65. Identity
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13 years old. That was how old Shadow was going to be. Annie thought it was reasonable, considering how far she’d come in 3 months. Any weirdness, childishness, or strange gaps in social skills would be passed off as the consequences of growing up in a forest alone. It made sense that she would need some time to adapt to living in a society.

It wasn’t even totally a lie! She basically had grown up alone, people wise. The fact that she'd only been by herself for a month and change rather than 13 whole years was just semantics. Or so she told herself.

Her new age would still leave her with 3 whole years until she’d be an official adult, which felt like forever, but probably wasn’t all that long really. She was still trying to adjust her internal sense of timescales.

It was the next morning, and they had just set out on the road. Annie was busy talking about the plan for when they got to town, which was mostly just Shadow pretending to be a beastkin as best she could and being careful about what she told people.

Shadow nodded along to Annie's explanation, jogging beside her on two legs. She was practicing maneuvering a bowl around between her paws as she listened. Shadow had finally worked out a gait that let her keep up, and didn’t look too silly. It had to do with holding her tail back correctly, leaning forward a bit, and keeping her stride a specific length. She still had to move her feet quickly, but even the two-week journey had gained her a lot of strength and endurance compared to that first day. She could stay upright for around three hours at this point, only needing to fall back to all fours on account of her back getting too sore. It was definitely the weak link more than her legs, but she did think the situation was improving, even if it was taking longer than she'd have liked.

“So, again, try not to bring up your past if you can help it. If anyone does ask about your past, just remember that you were a shadeling-kind beastkin child, abandoned by your parents in the forest, surviving on your own. You don’t remember who they were, or anything about them. You did not have a swarm, so all of your hunting was solitary. I think it should be okay to talk about our time in the forest together, if you have to. It’ll be next to impossible to keep the fact that you’re something of a savant secret, so I don’t think it’s worth it to try, aside from simply not bringing it up on your own. But, if you don’t mind…” Annie gave Shadow a sheepish look, “please try to keep any mention of us ‘thinking you were a shadeling’ to a minimum, and please don’t tell anyone about the whole village plan.”

Shadow frowned a bit and gave Annie a firm nod.

‘I won’t. I didn’t like it when everyone was mad at you. That might happen again if I talked about it, right?’ she confirmed.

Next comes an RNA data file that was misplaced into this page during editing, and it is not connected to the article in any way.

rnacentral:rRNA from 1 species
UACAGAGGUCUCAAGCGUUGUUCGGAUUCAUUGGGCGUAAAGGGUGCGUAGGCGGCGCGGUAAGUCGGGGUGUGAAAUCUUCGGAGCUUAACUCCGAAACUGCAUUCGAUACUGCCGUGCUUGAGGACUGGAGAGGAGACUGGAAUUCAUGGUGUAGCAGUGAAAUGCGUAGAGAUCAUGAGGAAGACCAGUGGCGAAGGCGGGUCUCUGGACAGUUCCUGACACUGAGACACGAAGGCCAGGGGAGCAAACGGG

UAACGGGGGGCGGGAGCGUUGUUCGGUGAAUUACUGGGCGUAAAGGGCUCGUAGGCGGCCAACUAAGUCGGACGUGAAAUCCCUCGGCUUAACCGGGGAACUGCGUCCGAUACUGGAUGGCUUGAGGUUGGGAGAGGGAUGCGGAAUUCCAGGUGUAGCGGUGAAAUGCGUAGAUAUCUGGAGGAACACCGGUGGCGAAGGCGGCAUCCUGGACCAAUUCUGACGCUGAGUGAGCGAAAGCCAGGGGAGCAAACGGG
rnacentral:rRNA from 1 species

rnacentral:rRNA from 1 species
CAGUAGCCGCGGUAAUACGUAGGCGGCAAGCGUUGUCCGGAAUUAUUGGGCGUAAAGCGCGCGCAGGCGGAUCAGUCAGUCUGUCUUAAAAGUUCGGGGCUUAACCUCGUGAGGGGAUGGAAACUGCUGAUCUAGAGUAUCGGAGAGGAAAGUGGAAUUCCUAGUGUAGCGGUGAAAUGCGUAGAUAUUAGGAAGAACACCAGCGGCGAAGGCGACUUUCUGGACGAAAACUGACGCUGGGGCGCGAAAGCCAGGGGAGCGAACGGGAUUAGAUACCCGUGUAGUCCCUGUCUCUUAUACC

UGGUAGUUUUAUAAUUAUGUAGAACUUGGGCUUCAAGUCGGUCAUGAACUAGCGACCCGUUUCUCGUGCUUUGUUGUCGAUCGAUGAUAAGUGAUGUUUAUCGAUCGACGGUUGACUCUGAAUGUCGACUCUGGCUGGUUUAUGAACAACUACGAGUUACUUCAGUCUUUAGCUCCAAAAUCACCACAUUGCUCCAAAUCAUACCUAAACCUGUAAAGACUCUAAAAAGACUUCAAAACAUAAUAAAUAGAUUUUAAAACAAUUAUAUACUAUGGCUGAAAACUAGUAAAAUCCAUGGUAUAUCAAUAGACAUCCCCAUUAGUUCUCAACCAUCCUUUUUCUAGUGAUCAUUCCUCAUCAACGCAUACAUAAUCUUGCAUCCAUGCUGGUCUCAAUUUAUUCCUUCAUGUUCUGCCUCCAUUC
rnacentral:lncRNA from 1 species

“Right... but, putting my discomfort aside, it’s probably best for us to distance you from any talk of actually being a shadeling as much as possible for your sake as well. Just in case. It will come up, I’m sure, but remember, you’re—”

‘A shadeling-kind beastkin. I know. You’ve told me. A lot.’ Shadow wrote, looking slightly exasperated.

“Right. I’m just nervous.” Annie stated, with a shake of her head. "The last plan didn't go so well."

Annie took a deep breath.

“And, considering that, does anyone have any questions or concerns with the plan?” Annie said, looking around at the group.

Shadow did have one question.

‘So… people really won’t find it weird that I just… completely don’t remember my pretend parents?’ Shadow asked.

The thought was still so strange to her, this idea that people could just… forget things they used to know. She’d always thought forgetting something was similar to getting distracted. A person could forget that they were supposed to come back after five minutes because they were sniffing an interesting bush, or they might forget that they were supposed to be staying quiet when they spotted a whole bunch of frogs all hopping around.

She hadn’t realized forgetting something also included not being able to recall some piece of information when you looked for it in your mind.

Shadow could recall anything she’d ever been paying attention to, if she thought to do it.

Apparently, that wasn’t normal.

“No, people won’t think it’s weird. It's common for young children to not remember much about that time in their life. It’s not unreasonable for you to have forgotten them if you’d lost them while you were still only 4 or 5.”

‘It's just so weird!’ Shadow wrote while looking curious and dumbfounded at the same time.

“I’m afraid you’re on the weird side this time,” Annie said with a chuckle. “But your memory is a great boon. It does a lot to explain how you’ve learned things so quickly.”

‘And I don’t need to hide it.’ She stated with a grin, affirming what Annie had told her earlier.

Her ability made their story make a lot more sense, and would be hard to hide regardless.

“No, you don't. But no gloating. Any new friends you make won’t like you shoving your abilities in their faces.” Annie lectured.

Shadow nodded again. They’d talked about this a bit. Shadow was pretty sure she understood the social dynamics there. If a person wanted something you had, it wasn’t nice to keep telling them about how awesome the thing you had was, unless they asked you about it.

She could understand how someone would really want to never forget things. The idea of forgetting stuff was honestly kind of terrifying to her. She could understand why someone might not like the fact that they had a... leaky memory... shoved in their face over and over again. It would be like… having a human go on and on about how awesome having thumbs was, and showing her how they could pick up all kinds of things and how much better they were than claws at grabbing things without damaging them.

Yeah... that wouldn’t feel too good. She already felt annoyed at these fictional humans.